Picture, if you will, a group of American GIs stationed in Germany in the mid-1960s. They dress up as reclusive clerics, shave tonsures into their hair, and call themselves the Monks. They are - in the loosest possible sense - a “beat group”.
They're a beat group with a banjo player, a singer who screams the same lines over and over again, feedback, and insanely repetitive grooves that last for a whole song. The white-man-blues elements of Rock & Roll seem to have bypassed them completely; instead, their grooves seem driven by the oom-pah of the German Bierkellers they frequent.
In 1966, Black Monk Time, their only LP and one of the greatest proto-punk records ever made, is released and sinks without trace.
Fast forward to 1990, when Mr. Mark Edward Smith of Prestwich is given an unlabelled cassette tape of The Monks. Their kinship with his band, The Fall, is apparent to him immediately. They cover two songs - “I Hate You” and “Oh How To Do Now” - straight away. As they don’t know the track titles, the recordings are respectively released as “Black Monk Theme I” and “Black Monk Theme II.”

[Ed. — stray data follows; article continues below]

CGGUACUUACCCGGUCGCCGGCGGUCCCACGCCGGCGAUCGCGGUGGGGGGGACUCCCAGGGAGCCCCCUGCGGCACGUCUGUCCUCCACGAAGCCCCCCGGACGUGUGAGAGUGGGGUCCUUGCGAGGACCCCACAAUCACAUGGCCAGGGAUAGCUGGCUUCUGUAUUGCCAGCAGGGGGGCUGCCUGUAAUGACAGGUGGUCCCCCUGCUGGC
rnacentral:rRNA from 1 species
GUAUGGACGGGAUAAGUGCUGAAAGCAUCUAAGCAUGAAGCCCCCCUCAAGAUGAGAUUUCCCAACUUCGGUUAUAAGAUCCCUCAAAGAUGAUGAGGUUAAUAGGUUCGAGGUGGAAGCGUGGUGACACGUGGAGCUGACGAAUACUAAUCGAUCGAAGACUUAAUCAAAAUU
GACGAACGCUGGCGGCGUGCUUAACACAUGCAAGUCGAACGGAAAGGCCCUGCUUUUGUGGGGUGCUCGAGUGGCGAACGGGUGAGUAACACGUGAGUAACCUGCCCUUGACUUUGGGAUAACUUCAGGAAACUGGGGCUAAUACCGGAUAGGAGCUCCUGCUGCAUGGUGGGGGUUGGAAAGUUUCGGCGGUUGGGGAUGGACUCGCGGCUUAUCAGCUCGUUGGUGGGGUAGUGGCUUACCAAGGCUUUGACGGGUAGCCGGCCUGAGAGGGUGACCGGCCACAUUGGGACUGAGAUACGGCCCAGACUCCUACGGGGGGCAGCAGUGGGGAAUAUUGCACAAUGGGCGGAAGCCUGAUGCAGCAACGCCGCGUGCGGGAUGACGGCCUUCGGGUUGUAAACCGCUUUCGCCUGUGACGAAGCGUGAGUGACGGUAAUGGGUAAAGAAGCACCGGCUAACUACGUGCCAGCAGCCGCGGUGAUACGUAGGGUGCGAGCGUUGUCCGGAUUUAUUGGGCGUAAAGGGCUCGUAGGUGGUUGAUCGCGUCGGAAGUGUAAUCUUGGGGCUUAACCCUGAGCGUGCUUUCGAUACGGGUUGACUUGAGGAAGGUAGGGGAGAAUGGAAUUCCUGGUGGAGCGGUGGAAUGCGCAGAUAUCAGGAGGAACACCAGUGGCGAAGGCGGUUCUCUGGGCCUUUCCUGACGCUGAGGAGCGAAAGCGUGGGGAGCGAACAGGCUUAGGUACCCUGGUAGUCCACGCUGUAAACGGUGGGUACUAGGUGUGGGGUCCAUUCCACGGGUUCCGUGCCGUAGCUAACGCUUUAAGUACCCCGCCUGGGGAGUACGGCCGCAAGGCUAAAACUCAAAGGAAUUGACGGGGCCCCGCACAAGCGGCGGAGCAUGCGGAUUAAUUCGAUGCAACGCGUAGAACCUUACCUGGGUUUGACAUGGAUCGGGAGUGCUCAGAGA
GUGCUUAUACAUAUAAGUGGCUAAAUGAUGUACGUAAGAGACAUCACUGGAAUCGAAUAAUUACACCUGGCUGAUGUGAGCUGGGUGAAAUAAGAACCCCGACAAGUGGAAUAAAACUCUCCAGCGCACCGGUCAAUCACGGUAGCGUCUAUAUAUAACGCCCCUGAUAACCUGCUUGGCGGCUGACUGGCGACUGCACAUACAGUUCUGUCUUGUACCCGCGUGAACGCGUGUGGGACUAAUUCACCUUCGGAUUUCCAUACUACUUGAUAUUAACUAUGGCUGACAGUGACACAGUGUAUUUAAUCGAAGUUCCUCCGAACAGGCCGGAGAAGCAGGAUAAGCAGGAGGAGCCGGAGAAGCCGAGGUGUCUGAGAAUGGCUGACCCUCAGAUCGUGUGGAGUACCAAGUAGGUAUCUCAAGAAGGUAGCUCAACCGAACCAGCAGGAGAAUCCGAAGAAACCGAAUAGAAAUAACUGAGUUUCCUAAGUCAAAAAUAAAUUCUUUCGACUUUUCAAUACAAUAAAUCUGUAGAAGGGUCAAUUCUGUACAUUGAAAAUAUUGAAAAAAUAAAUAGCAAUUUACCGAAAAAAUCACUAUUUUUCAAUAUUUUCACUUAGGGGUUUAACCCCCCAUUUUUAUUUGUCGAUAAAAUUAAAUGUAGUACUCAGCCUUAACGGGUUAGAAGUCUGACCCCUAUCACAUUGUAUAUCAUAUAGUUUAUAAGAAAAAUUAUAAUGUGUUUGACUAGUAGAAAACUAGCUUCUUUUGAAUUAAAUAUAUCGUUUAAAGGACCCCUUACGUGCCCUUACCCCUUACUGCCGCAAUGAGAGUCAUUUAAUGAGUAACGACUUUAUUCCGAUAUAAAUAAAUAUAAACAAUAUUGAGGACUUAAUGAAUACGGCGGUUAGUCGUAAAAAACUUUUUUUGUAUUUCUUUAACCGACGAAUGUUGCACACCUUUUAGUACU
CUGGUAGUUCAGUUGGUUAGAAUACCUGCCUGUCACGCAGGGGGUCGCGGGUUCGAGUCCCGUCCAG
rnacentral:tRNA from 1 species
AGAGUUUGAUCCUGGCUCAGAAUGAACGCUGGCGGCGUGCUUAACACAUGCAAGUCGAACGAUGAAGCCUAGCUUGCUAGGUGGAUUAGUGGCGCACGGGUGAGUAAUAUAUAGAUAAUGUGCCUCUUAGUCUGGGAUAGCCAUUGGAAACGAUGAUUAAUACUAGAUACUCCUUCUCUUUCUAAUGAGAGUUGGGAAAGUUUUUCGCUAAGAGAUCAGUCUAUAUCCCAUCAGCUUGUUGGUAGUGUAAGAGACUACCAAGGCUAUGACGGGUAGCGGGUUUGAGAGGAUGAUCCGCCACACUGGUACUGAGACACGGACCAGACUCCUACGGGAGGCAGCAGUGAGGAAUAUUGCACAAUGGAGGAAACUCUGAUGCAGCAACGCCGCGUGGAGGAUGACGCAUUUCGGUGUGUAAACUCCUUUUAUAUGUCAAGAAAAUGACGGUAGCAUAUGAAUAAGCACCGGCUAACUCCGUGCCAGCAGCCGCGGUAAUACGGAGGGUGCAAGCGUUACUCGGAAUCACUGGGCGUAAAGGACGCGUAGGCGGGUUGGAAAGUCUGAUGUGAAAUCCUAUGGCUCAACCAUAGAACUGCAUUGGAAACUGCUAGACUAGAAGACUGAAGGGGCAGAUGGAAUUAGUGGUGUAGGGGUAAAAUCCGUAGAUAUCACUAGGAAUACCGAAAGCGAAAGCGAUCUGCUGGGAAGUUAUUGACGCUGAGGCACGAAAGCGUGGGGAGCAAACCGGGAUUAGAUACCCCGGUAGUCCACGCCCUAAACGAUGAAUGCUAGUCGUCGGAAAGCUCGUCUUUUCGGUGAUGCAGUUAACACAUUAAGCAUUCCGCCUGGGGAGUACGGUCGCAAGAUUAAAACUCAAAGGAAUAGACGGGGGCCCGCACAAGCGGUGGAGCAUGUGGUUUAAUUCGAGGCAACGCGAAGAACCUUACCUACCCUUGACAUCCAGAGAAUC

In 1994, The Fall makes another excursion into Monkland, covering the scabrous “Shut Up!” (”Shut up!/Don’t Cry!”) as the closer track for the relatively mild-mannered Middle Class Revolt LP. It features Smith making curious gargling noises and extra vocals by Karl Burns, the drummer at the time.
In 1999, The Monks reform for a one-off gig. Everyone who cares is amazed. Their fiery, obsessive, insane racket is undimmed.
Time passes. Somebody makes a film about The Monks. The Monks play some more concerts. Then comes the tribute album from Playloud.org. It features some big names from alternative/electronic/noise music, most notably Alan Vega, Alec Empire, and, of course, The Fall.
Their reading of “Higgle-dy Piggle-dy” is an entirely worthy tribute, battered into life by a man who truly understands what makes it “monk time”. But it’s not just a worthy tribute; it’s possibly the most exciting thing you’ll hear all year. Or any year.